Interdisciplinary Research on Emotions in Neuroscience and Philosophy

animal emotionale II – Existential Feelings, Psychopathology and the Range of Evolutionary Explanations

A human being, as is our basic assumption, is an emotional being to the core - an animal emotionale. Emotions do not just shape our experience, but also our thoughts, decisions, and actions, by creating a primary relation to the world. This affective intentionality of emotions was the object of our philosophical and neuroscientific studies in animal emotionale I. In animal emotionale II, we will continue and extend this research by incorporating two new disciplines (evolutionary anthropology and psychopathology) and the category of existential feelings.


Affective processes do not just allow for an evaluative stance towards objects or situations, as is the case for the basic emotions fear and disgust, they also mediate, in form of existential feelings, an intrinsically qualitative relation to the world as a whole. This affectively colored relation to the world becomes especially apparent when it is malfunctioning, e.g. in the feeling of derealization, in which the world appears to be unreal and unfamiliar. Up to now, the category of existential feelings has primarily been investigated from the perspective of phenomenologically oriented philosophy. Building on this work, we will systematize existential feelings from an analytical point of view as a part of the first two subprojects. We will take insights from psychopathology into account, discuss their empirical accessibility from a neuroscientific perspective, and conduct a neuroimaging study with patients affected by the depersonalization-derealization disorder.


Historically, the theory of evolution stands at the beginning of psychological theories of emotions. Thus, in the third subproject, we will investigate the range of evolutionary explanations of emotions in general and (in connection to our empirical studies of animal emotionale I) specifically for fear and disgust. This subproject is complemented by an empirical study of the fourth subproject, in which we will study the neural correlates of the experience of fear and disgust in healthy individuals and patients with spider and blood phobia. These phobias will also be studied as a case study in the philosophy of science. The results of this case study will provide criteria for the relevance of neurobiological findings to evolutionary explanations in general. In the fifth subproject, we will investigate the question whether functional equivalents of existential feelings, which have so far been classified as typically human, can also be found in animals, and whether and how existential feelings can be explained from an evolutionary point of view.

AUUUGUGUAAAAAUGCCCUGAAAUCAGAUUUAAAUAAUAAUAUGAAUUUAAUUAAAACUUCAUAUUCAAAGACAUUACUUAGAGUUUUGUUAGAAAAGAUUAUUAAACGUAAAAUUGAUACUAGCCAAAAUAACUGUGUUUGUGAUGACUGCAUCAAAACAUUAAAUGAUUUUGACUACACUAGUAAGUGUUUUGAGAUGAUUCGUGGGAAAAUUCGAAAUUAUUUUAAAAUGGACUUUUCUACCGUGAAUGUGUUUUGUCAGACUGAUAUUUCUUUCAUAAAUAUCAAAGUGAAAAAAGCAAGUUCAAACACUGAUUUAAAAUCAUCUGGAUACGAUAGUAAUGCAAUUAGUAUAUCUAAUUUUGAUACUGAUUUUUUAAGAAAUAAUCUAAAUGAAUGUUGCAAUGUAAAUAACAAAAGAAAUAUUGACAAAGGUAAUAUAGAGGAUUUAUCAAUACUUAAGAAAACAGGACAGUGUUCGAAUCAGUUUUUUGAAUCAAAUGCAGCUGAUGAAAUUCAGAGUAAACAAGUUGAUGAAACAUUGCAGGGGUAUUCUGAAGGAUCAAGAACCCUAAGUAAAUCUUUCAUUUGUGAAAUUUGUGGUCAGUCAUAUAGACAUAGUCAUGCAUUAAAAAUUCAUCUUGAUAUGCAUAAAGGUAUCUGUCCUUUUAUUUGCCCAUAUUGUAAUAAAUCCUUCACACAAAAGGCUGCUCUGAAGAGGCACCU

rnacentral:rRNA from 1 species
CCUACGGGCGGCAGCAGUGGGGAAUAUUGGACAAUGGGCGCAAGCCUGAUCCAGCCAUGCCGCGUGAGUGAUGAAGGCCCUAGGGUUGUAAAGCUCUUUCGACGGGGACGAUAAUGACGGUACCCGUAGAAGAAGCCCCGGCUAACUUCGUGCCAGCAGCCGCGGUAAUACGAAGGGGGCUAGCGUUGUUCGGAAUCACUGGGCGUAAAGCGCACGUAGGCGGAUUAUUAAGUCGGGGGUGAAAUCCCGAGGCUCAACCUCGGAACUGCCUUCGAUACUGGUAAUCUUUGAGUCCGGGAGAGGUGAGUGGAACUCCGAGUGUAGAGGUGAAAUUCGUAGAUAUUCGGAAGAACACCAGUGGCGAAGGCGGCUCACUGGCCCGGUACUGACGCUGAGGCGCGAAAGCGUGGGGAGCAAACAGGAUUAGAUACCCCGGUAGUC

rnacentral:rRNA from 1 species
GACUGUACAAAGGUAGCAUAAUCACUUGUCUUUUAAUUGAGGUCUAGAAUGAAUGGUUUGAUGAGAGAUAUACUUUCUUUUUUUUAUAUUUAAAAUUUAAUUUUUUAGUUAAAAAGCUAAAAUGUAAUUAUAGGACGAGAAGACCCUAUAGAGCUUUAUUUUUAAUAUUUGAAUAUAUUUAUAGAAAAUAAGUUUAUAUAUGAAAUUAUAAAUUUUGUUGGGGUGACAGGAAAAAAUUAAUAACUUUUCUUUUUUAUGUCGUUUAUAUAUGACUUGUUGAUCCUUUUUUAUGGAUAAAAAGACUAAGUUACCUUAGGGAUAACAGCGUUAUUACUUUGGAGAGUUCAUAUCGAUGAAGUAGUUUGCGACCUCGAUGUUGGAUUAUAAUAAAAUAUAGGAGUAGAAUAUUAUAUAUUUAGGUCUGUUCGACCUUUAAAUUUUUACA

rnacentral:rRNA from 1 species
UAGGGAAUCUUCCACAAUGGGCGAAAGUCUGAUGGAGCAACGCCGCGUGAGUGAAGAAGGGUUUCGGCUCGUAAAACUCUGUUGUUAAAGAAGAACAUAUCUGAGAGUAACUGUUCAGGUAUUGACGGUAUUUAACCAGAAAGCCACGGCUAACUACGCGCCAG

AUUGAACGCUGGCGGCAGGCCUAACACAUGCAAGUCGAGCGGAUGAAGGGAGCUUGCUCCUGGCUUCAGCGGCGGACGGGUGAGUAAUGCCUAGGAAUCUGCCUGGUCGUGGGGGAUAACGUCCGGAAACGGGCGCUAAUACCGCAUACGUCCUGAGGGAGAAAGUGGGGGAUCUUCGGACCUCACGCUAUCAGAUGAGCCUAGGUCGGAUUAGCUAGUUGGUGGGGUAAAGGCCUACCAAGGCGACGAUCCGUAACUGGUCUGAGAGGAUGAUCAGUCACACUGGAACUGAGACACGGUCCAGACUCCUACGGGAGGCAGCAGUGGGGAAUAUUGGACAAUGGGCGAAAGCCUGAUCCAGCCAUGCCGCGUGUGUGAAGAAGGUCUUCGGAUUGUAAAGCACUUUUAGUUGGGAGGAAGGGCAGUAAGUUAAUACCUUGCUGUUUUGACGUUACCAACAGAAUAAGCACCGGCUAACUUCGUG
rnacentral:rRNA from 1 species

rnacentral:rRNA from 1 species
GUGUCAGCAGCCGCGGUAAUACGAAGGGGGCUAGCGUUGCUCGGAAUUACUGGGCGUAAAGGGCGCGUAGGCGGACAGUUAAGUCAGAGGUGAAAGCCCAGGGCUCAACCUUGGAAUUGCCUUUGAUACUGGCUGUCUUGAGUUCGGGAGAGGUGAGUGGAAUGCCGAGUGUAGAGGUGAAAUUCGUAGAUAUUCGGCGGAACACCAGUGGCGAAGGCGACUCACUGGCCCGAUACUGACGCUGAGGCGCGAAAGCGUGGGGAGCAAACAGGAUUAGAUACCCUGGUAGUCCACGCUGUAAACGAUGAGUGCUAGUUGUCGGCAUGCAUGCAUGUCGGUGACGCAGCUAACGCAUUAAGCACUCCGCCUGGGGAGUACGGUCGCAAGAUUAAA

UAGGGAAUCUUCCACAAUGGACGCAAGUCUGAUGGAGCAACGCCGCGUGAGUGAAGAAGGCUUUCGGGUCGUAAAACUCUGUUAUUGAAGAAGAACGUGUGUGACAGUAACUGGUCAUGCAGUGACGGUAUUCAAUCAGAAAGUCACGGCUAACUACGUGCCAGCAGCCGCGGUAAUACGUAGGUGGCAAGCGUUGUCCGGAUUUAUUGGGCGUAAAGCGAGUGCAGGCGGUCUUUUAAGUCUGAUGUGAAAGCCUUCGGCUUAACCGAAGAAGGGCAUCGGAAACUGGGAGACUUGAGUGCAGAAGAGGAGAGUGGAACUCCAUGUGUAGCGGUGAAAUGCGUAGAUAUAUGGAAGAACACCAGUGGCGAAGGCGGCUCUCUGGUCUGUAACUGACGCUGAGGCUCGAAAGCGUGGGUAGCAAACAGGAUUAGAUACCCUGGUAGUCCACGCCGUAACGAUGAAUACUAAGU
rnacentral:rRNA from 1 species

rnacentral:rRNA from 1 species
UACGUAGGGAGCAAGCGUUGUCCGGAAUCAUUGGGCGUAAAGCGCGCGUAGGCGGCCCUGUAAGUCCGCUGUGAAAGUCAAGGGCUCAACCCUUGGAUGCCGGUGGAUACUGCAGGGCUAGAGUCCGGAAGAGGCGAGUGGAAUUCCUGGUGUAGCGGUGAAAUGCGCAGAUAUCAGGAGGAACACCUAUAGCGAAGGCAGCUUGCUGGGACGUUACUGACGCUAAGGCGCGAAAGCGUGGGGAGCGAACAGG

The following picture illustrates the strong connection between the subprojects:


Subproject 1: Theory of Existential Feelings
Subproject 2: Existential Feelings and Empirical Science

Subproject 3: Evolutionary Theory and Basic Emotions

Subproject 4: Neurophilosophy of Fear and Disgust

Subproject 5: Existential Feelings and Evolutionary Theory

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